Emerging details of Viper II
Just when you thought IBM had unveiled all of their database tricks last year when DB2 9 came out, IBMers from the Toronto Lab are already making careful proclamations about the enhancements in the release they're calling Viper II (which is far less confusing than its original codename of Python). I attended some of those IDUG sessions, as well as the closed beta kickoff for Viper II back in March, and I can safely say that IBM is not content to sit and coast after releasing DB2 9. Viper II contains an impressive mix of enhanced features along with entirely new functionality that aims to profoundly change the way DBAs work with DB2. Unfortunately, I am a bit intimidated by the dense stream of legalese preceding those Viper II slides, so I won't be going into detail about what was discussed in those sessions. The good news is that if you attended the conference (or work with someone who did), you can read all about it on the conference DVD. That way, you get the information straight from the source, and I don't get banned from future DB2 beta briefings, which are typically held in Toronto in the dead of winter.
Little DB2 and Big DB2
For various reasons, many mainframe DB2 shops out there are dipping their toes (or being thrown screaming) into DB2 for LUW, and quite a few of them don't like what they see. That can be evidenced by IDUG sessions that are geared to help perplexed mainframe DBAs navigate the alien world of UNIX, and also by the types of questions and complaints that a few mainframe DBAs raised during open discussions with a panel of DB2 LUW developers from the Toronto Lab. One rather vocal mainframe DBA gave DB2 LUW the snarky nickname of "little DB2" and made a habit of saying it in front of the panelists. To dismiss this person as yet another cranky mainframe bigot would be easy, but unfair. He had legitimate issues with DB2 LUW and suffered significantly more from those problems than he ever did on the mainframe. He also touched on the culture clash between old-guard mainframe administrators (JCL-wielding beardos in suspenders) and UNIX admins (Slashdot-worshipping reboot monkeys). The stories from the mainframers in the room made it loud and clear that in many large corporations, mainframes and LUW systems are butting up against each other like tectonic plates, with similar consequences. It's also happening faster than either mainframers or IBM are ready to handle. Imagine being a mainframe DBA who must migrate a DB2 z/OS application over to an DB2 on AIX, only to find that after decades of co-existing, there are still fundamental discrepancies between their SQL instruction sets. I see similar frustration on the other side, with UNIX DBAs who are sincerely interested in learning more about the mainframe, but are unable to find decent transitional guides that offer a basic introduction to mainframe concepts or zSeries architecture. Rather than being annoyed by the mainframe bellyaching in a DB2 LUW session, I was encouraged when I recognized it as an instance of the two tribes coming together, and the improved software and documentation that will hopefully come from it.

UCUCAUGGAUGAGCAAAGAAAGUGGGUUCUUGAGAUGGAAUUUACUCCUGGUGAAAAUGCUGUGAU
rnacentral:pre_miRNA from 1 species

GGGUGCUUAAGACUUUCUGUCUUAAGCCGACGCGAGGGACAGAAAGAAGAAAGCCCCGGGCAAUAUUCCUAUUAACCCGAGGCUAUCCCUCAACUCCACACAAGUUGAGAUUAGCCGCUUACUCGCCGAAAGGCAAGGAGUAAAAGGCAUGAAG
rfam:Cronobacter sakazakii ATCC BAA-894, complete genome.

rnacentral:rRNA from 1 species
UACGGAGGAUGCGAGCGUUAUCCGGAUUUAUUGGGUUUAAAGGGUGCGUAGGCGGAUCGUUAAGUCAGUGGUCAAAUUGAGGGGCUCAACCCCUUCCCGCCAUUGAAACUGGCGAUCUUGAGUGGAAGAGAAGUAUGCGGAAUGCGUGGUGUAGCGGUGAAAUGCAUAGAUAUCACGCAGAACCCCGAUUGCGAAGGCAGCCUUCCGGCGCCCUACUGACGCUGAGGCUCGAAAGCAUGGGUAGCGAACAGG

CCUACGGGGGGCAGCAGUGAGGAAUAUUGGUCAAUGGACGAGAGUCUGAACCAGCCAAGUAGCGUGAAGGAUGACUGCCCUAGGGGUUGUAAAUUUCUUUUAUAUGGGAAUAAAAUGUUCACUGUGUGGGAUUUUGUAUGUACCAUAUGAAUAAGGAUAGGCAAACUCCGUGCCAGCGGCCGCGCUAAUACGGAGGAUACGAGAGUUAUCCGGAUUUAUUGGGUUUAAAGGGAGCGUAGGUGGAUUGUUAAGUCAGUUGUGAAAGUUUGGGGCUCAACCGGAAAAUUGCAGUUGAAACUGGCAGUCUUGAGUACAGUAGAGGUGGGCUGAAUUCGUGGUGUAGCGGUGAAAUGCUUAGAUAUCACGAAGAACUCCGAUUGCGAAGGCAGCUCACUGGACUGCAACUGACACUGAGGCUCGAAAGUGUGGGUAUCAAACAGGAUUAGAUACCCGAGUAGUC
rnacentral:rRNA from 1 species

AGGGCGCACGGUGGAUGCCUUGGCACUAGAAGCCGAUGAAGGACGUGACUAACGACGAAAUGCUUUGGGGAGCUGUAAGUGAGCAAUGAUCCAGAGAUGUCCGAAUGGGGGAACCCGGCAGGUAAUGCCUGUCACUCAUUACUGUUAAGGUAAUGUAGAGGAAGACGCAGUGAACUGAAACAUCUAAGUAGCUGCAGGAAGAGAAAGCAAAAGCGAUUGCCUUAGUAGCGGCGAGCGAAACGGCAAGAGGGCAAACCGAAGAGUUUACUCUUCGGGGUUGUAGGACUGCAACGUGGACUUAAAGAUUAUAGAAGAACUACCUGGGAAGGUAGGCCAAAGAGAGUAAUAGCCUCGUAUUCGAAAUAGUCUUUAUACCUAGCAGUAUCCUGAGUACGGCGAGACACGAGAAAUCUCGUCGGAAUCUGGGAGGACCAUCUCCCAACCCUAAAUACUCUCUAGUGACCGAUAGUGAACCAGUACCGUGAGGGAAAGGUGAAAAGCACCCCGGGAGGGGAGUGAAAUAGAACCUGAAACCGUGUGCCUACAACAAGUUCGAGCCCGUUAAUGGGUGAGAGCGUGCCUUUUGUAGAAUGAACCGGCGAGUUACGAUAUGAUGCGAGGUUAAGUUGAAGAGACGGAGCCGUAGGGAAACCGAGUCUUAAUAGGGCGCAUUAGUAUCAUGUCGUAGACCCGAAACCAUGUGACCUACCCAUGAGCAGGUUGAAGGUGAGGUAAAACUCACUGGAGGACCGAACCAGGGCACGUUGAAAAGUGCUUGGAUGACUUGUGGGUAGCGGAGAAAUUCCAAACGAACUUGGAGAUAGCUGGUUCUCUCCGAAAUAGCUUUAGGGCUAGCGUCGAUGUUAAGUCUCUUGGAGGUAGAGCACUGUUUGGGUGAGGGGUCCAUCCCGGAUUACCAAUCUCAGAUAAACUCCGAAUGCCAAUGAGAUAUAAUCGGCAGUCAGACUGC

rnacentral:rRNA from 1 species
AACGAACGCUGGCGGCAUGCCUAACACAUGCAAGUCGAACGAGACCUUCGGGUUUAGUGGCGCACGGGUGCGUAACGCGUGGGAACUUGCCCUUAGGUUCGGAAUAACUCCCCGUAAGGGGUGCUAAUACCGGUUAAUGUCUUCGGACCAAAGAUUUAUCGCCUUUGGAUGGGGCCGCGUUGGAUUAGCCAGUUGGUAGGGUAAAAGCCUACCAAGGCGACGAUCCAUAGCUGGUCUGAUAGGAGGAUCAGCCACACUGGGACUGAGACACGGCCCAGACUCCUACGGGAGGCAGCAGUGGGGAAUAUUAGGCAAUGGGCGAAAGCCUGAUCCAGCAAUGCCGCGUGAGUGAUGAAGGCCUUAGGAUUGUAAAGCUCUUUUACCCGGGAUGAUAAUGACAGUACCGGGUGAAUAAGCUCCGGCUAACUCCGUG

This is actually just a minor portion of what I took away from IDUG, so if you're not sure if IDUG is worth attending, I hope you'll realize just how much valuable material is packed into just a few days each year.